Last updated:

Reviewed by:

Dr Bryony Henderson

, Lead Livi GP

Medically reviewed

Epididymitis is when the tube at the back of the testicles (known as the epididymis) becomes swollen and painful. This is usually caused by an infection, which is normally treated with antibiotics. Find out more about the key symptoms and how it’s treated.

What is epididymitis?

Epididymitis is when the tube at the back of your testicles (the epididymis) becomes inflamed and painful – often caused by a bacterial infection. As your body fights the infection you feel pain, heat and swelling in the area.

Epididymitis orchitis or epididymo-orchitis is when the inflammation is also in your testicles. Inflammation of just your testicles is called orchitis, but this is very rare.

What are the symptoms of epididymitis?

Symptoms can vary depending on the cause, but the key symptoms include:

  • Pain in one or both testicles. This may start suddenly or be gradual

  • Your scrotum (the bag containing your testicles) can be warm, swollen, or tender

  • A lump or swelling in your testicle – this is caused by fluid around your testicle called a hydrocele

  • Difficulty or pain when you pee

  • A white, yellow or green discharge from the tip of your penis

What causes epididymitis?

Epididymitis is most commonly caused by chlamydia or gonorrhoea – two of the most common sexually transmitted infections (STIs). If an STI is the cause of your epididymitis, you may want to let your partner/s know, so that they can get tested too.

Urinary tract infections (UTIs) can also cause epididymitis, although this isn't too common.

Other rarer causes of epididymitis include:

  • Mumps or tuberculosis – though these infections are rare in the UK

  • An injury to your groin

  • Behcet’s disease

How is epididymitis diagnosed?

A doctor will ask questions about how you’re feeling and examine your testicles. The doctor may need to do some tests on your urine to investigate what’s causing your symptoms. If a doctor thinks it’s appropriate you’ll typically be able to start treatment before the results of your tests are back.

How is epididymitis treated?

In the majority of cases where an infection is the cause of your epididymitis, a doctor will likely prescribe antibiotics. Even if you feel better, it’s important that you finish the full course of antibiotics to get rid of your infection.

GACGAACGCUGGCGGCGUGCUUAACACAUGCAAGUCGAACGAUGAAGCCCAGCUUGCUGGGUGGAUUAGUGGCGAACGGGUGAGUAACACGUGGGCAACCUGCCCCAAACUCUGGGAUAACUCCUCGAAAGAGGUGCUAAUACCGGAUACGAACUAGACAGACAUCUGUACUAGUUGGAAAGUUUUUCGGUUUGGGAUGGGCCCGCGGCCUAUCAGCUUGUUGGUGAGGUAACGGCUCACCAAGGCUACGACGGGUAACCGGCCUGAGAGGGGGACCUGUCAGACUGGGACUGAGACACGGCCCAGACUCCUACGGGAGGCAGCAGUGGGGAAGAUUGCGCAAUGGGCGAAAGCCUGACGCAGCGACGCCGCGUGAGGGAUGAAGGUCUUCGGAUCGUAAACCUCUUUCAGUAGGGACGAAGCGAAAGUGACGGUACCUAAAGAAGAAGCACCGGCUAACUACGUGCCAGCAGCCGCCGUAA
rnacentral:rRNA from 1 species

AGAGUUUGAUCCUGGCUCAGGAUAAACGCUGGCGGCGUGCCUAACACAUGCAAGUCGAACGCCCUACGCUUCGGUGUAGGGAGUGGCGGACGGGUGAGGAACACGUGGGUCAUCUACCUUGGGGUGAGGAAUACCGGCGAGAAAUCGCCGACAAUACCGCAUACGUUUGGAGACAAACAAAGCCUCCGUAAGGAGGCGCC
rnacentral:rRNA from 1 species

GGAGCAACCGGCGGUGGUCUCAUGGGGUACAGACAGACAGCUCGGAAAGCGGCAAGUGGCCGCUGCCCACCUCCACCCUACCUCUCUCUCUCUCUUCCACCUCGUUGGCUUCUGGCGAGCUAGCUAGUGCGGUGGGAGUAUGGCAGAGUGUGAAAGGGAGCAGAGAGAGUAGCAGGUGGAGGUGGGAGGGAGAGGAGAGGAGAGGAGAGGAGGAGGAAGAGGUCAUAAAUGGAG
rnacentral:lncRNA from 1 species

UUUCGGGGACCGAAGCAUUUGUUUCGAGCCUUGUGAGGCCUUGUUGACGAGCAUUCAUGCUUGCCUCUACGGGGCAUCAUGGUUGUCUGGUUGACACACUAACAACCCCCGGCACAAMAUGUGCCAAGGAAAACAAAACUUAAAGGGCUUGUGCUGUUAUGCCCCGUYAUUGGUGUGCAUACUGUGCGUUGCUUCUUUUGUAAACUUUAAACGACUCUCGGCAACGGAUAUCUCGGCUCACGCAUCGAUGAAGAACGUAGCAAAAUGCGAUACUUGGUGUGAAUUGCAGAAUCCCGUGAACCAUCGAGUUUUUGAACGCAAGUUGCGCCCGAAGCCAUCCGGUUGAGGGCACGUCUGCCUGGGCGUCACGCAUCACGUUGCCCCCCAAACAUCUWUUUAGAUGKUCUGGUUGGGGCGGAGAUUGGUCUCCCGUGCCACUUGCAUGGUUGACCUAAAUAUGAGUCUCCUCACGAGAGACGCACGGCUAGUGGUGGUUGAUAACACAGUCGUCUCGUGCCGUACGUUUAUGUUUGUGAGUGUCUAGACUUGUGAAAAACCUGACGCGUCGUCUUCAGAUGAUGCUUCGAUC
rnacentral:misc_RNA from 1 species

Epididymitis can be painful. To help with the pain you can take regular paracetamol or ibuprofen. Holding an ice pack or frozen pack of peas wrapped in a tea towel to your groin can also help. Wearing supportive underwear to lift the testicle can also decrease the pain.

How long does epididymitis last?

You should start to feel better after a few days of treatment but it can take longer. Epididymitis recovery time should be less than 2 weeks.

Some people’s symptoms last longer and this is chronic epididymitis. The pain is usually less severe than short-term epididymitis. Your pain may come and go without treatment, but usually, anti-inflammatory drugs or antibiotics can be used to treat it. Chronic epididymitis isn’t fully understood and sometimes a cause can’t be found.

When should I seek help for epididymitis?

See a doctor if:

  • You have swollen testicles

  • Your testicles have changed shape, or feel different

  • You have a lump in your testicles

  • One of your testicles is larger than the other

  • You have a persistent ache in your testicles

Seek emergency help and go to A&E if:

  • You have unbearable pain in your testicle, tummy or groin that starts suddenly

  • You may have a twisting of your testicles called testicular torsion. This needs to be seen and treated in a hospital as soon as possible.

What can Livi do?

A Livi healthcare professional can discuss your symptoms, help with STI and UTI testing, and refer you to specialist treatment if necessary.

Frequently asked questions

Last updated:
Reviewed by:
Dr Bryony Henderson, Lead Livi GP